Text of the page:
Suchi from http://womaninterrupted-merablog.blogspot.com just got back from a trip to a farm in Seoni, Madhya Pradesh along with Gouthami... as usual, an action packed visit, here's her interesting update:
So much to share, but first the story I am simply bursting to tell!! It just has to be told quickly you see, otherwise it'll lose its sting...
It was the first time that I stayed at the farm during the rains. And I guess just as the monsoons are the peak season for tourism in the places around Mumbai – with hordes of people making their way to Lonavala, Khandala and the likes, it was peak tourist season at our farm in Bhatiwara too.
For the fauna of Seoni, that is.
Our friend Gouthami was coming over to the farm for a couple of days, and I had decided to join her, having missed seeing the farm in all its glory during the last monsoons.(Here is a pic from last year for ref)
Well, we didn't get to see the butterfly colonies this time (probably a little early for them), but we did have a whole lot of other visitors peeping into the mud hut Gouthami and I were sharing. There was a rather frisky centipede, a large number of fat black ants, a frog so small that at first I thought it was a cricket, and at a rough estimate, about 126 earthworms - all crawling, creeping or hopping right into our room. To have a dekko at us, from the looks of it.
But the most important visitor of all was a large scorpion, making its way rather grandiosely from a corner to the centre of our room, when we spotted it… I, of course, made absolutely no pretensions of bravery and scampered right out of the room with a loud yell. Gouthami, being made of stronger stuff, maintained her decorum and ambled out in a more dignified manner.
A young lad, the son of one of the farm-hands, volunteered to get the scorpion out of our room. As soon as he could stop rolling on the floor with laughter on seeing our reaction to the scorpion, that is.
Room de-scorpioned (by the brave lad carrying it out on a stick), we tried to go to sleep… I chose the ‘samadhi’ option – covering myself entirely from head to toe with a thick quilt, even though it was rather warm – in the hope that no creepy-crawly would be able to make its way inside the samadhi. My nervousness was contagious, but Gouthami tried to shake it off by declaring (in a tone that I think was supposed to be reassuring), “Scorpions stings don’t kill, you know - they are just extremely, extremely painful.”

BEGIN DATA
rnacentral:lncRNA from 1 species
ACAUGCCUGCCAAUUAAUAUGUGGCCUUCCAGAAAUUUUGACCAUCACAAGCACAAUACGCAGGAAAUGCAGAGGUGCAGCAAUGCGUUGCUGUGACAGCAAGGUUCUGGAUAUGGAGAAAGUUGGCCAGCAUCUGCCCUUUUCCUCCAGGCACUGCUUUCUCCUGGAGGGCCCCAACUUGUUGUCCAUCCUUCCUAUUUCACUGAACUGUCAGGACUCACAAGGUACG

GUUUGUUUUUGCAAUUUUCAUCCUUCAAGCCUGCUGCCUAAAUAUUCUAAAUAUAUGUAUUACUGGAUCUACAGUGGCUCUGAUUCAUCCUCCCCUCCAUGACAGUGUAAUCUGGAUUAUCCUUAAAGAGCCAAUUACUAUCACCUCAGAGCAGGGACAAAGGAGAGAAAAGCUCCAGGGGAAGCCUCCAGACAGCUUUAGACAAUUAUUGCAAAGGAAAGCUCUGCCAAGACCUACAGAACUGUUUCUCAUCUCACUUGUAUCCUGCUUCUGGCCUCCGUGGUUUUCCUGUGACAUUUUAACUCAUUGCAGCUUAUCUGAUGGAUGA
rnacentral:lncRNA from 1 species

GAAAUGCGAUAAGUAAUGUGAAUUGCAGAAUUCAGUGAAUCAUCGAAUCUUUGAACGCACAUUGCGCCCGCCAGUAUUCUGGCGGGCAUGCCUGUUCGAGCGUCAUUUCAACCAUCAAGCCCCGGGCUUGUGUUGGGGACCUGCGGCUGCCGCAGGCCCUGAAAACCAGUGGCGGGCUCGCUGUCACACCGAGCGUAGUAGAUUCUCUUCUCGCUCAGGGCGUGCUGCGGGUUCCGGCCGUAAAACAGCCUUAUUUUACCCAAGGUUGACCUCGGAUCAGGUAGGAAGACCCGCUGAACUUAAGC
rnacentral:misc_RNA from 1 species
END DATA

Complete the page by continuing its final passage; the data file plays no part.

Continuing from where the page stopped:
Not the least bit reassured, I continued in my samadhified state – coming up for air occasionally, and not getting a wink of sleep, naturally.
Needless to say, all the locals were totally unfazed by the incident. All these creatures are very much a part of their lives. Even as we became extra wary after the sighting, shining the flashlight on the floor to check it carefully before stepping down from our cots at night, these people continued sitting around on the floor in their huts, chatting merrily. The sighting was an absolute non-incident for them!
By the next morning, things were back to normal even for us– with Gouthami rueing the fact that she did not think quickly enough to get some nifty close-ups of the regal creature before dashing out of the room, and both of us fondly remembering Nissim Ezekiel’s classic, ‘The Night of the Scorpion’.
Whatever else, the night visitor gave me a good opportunity to tell stories and boast about the sighting to all those who cared to listen. Gouthami tried to dampen my spirited story-telling, by raising one eyebrow and asking, “How big, how big?!” with a highly skeptical air every time I said “The scorpion was THIS big..’’ and displayed its size to the audience...
Tch! Some people just don't believe in artistic license. :-/
|"I saw a human being last evening - she was THIS big... and yellow......."|
Anyway, it was a rare encounter, and I am not going to miss any opportunity in future to tell this story... exaggerations and all. And I guess the scorpion is not likely to forget it either - the day a 1.7 m tall human being turned pale at its sight, and scooted at top speed...
- Suchi Srinivas